Tregenna Hill, St Ives, Cornwall
An early twentieth century church in French thirteenth century Gothic style by Scoles & Raymond, who built widely in the southwest. The church and contemporary presbytery are strong townscape features in the St Ives Conservation Area. The interior is conventional and rather old-fashioned for its date, but contains some furnishings of note, particularly the high altar. On the outside wall is a bronze plaque by Dom Charles Norris of Buckfast Abbey, commemorating the death of the mayor of St Ives during the Western Rising of 1549.
The church is dedicated to the Sacred Heart of Jesus and St Ia, who gives her name to the town. St Ia appears to have been one of a group of Irish missionaries who came to Cornwall in the fifth century AD. She built an oratory in St Ives, said to be on the site of the present Anglican parish church. She was martyred with several other missionaries on the orders of Theodoric, a local chieftain, and her relics were placed in the oratory she had founded. When the parish church was rebuilt in the fifteenth century, her relics were translated to the new building.
St Ives was the scene of one of the many bloody episodes in Devon and Cornwall commonly known as the Western Rising of 1549. That year parliament passed the Act of Uniformity, which enforced the use of services in English using the Book of Common Prayer instead of the old Latin Mass.In west Cornwall few people spoke English, and St Ives was one of many towns that refused to cooperate. In response, the Provost Marshall came to St Ives and invited John Payne, the Catholic mayor, to lunch at the George and Dragon. After lunch, Payne was hanged. In 1949, the 400th anniversary of the rising, a bronze memorial plaque by Fr Charles Norris of Buckfast Abbey was fixed to the external wall of the present church.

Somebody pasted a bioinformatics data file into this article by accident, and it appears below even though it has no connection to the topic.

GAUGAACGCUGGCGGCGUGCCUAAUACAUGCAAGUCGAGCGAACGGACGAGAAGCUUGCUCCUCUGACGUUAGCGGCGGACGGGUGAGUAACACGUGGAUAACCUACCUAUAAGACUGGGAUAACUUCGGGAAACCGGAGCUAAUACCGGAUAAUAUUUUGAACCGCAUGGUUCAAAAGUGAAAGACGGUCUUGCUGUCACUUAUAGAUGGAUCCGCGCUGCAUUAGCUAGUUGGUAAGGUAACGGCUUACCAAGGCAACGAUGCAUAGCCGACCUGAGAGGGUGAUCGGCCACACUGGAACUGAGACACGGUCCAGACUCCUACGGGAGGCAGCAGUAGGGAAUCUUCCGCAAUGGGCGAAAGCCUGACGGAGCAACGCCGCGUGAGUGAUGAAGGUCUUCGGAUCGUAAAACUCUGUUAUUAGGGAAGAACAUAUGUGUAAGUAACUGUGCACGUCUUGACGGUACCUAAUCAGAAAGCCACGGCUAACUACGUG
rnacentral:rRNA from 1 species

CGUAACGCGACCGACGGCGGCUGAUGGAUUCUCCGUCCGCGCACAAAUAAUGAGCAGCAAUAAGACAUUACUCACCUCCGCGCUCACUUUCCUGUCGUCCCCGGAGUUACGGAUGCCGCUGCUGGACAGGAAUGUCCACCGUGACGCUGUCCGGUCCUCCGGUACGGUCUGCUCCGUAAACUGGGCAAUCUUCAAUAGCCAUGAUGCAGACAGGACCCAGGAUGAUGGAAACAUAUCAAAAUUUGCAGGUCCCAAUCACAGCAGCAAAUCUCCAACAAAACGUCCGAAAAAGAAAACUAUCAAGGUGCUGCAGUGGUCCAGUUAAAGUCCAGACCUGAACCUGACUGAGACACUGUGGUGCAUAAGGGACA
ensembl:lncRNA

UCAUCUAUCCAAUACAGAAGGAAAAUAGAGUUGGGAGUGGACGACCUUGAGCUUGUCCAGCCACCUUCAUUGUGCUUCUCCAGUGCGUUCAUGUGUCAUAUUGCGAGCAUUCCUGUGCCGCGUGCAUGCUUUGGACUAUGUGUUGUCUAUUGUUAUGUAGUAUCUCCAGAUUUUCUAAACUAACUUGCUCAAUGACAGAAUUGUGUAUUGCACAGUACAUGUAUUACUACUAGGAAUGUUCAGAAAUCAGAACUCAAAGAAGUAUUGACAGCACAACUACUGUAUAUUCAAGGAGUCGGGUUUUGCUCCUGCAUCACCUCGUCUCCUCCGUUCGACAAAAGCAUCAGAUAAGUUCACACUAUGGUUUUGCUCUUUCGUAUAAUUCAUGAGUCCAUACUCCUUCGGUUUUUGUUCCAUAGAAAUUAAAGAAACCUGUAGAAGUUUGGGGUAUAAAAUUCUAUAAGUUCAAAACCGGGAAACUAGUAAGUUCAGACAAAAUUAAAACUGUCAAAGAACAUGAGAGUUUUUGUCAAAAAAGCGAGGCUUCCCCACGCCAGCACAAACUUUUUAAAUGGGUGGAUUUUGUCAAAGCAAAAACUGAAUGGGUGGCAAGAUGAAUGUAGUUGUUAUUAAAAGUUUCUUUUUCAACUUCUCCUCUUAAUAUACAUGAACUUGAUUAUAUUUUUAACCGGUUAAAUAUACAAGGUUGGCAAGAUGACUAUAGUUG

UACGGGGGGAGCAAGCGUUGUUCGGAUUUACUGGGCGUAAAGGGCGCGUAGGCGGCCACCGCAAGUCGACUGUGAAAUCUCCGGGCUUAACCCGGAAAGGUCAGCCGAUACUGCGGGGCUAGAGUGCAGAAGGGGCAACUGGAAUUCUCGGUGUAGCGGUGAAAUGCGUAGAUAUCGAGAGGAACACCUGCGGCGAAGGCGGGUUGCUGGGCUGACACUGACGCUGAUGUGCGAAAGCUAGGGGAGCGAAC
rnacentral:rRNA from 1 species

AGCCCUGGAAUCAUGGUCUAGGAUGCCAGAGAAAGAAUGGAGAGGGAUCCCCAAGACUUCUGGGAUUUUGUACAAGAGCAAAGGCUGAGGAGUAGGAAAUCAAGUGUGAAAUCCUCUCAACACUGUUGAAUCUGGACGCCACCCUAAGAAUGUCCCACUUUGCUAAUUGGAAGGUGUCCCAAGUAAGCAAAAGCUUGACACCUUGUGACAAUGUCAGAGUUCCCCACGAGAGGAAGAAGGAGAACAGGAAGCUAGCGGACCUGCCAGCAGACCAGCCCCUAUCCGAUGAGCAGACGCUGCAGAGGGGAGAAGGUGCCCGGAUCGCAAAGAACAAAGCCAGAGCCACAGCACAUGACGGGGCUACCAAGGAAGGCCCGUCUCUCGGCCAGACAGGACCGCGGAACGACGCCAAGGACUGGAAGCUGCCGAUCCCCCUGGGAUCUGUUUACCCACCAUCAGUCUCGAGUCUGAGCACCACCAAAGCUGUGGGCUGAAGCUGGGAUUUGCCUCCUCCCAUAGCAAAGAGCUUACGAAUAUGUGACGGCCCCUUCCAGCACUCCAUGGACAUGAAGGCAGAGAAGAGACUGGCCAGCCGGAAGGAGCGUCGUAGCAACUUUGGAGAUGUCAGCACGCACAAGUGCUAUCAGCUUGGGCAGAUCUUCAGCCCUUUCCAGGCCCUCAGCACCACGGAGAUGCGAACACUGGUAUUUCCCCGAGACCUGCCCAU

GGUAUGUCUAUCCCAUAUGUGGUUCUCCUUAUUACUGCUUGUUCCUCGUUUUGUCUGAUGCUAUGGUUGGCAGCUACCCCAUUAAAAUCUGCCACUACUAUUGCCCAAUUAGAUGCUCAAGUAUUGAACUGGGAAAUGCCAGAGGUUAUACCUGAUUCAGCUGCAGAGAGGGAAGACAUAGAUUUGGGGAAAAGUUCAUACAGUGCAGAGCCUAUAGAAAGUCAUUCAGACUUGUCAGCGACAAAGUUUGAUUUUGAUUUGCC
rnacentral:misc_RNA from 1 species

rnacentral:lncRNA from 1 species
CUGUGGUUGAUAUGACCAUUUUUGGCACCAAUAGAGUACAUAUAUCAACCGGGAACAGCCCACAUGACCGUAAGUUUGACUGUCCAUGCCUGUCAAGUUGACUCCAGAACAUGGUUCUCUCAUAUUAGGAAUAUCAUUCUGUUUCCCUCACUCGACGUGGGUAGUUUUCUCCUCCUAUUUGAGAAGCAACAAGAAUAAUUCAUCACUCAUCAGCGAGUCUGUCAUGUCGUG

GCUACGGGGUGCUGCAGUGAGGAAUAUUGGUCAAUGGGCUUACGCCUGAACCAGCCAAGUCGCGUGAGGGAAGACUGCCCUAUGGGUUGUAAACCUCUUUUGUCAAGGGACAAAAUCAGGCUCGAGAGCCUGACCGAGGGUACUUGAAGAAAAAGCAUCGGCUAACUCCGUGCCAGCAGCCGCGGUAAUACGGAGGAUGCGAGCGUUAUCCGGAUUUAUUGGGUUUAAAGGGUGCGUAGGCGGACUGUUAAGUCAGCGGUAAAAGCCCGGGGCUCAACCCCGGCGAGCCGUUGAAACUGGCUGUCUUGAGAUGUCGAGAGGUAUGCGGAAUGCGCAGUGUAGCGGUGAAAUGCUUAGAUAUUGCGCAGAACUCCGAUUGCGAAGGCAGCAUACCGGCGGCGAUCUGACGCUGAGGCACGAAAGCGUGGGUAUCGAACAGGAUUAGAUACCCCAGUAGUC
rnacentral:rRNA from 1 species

During the eighteenth and nineteenth centuries Catholic practice in St Ives died away. However, in 1901 a site in Street-an-Pol, once used as a shop and warehouse, was bought by a wealthy convert who then presented it to the Canons Regular of the Lateran for the establishment of a mission. The first Mass was celebrated on 16 February 1902. With a growing congregation, it became necessary to build a larger and more worthy church, and a site was secured at the top of Skidden Hill facing Tregenna Hill. Here a church and presbytery were built from designs by Scoles & Raymond, opening on 24 September 1908.
In 1913 a single bell was given to the church. It was replaced in 1954 by electronic bells. The church was consecrated on 8 May 1946.
The church consists of a continuous nave and narrower chancel, north aisle and southwest belfry turret. The presbytery is attached to the north. It is built of Castle granite with grey Penryn granite dressings. The roof is of concrete tiles, presumably replacing slates. The attached presbytery is built of similar materials.
The church is designed in the thirteenth century French Gothic style generally favoured by Canon Scoles. The most visible public view is of the south wall of the nave, which is of four bays, with paired trefoil windows in plate tracery openings and cinquefoil circular windows in the arches, all under a continuous hood mould. In the narrower chancel there are two high circular cinquefoil windows. The east wall is built close up against a neighbouring building, but its gable rises higher and is provided with a high-level septfoil circular window.